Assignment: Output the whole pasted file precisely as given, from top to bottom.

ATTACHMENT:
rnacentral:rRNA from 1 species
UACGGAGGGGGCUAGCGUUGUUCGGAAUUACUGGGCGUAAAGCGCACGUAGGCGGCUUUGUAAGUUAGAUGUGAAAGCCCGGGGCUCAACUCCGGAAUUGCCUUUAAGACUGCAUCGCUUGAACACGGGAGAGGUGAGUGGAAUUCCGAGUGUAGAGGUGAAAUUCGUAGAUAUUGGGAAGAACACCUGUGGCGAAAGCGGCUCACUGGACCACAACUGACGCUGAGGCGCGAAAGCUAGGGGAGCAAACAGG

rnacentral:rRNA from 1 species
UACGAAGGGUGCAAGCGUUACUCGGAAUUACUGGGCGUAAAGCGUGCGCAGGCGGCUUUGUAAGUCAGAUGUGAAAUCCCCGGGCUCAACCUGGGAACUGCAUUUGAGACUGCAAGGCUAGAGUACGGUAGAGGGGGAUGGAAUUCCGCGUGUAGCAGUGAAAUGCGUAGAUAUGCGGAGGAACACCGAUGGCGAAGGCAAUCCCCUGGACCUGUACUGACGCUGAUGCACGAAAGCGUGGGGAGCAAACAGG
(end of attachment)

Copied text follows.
rnacentral:rRNA from 1 species
UACGGAGGGGGCUAGCGUUGUUCGGAAUUACUGGGCGUAAAGCGCACGUAGGCGGCUUUGUAAGUUAGAUGUGAAAGCCCGGGGCUCAACUCCGGAAUUGCCUUUAAGACUGCAUCGCUUGAACACGGGAGAGGUGAGUGGAAUUCCGAGUGUAGAGGUGAAAUUCGUAGAUAUUGGGAAGAACACCUGUGGCGAAAGCGGCUCACUGGACCACAACUGACGCUGAGGCGCGAAAGCUAGGGGAGCAAACAGG

rnacentral:rRNA from 1 species
UACGAAGGGUGCAAGCGUUACUCGGAAUUACUGGGCGUAAAGCGUGCGCAGGCGGCUUUGUAAGUCAGAUGUGAAAUCCCCGGGCUCAACCUGGGAACUGCAUUUGAGACUGCAAGGCUAGAGUACGGUAGAGGGGGAUGGAAUUCCGCGUGUAGCAGUGAAAUGCGUAGAUAUGCGGAGGAACACCGAUGGCGAAGGCAAUCCCCUGGACCUGUACUGACGCUGAUGCACGAAAGCGUGGGGAGCAAACAGG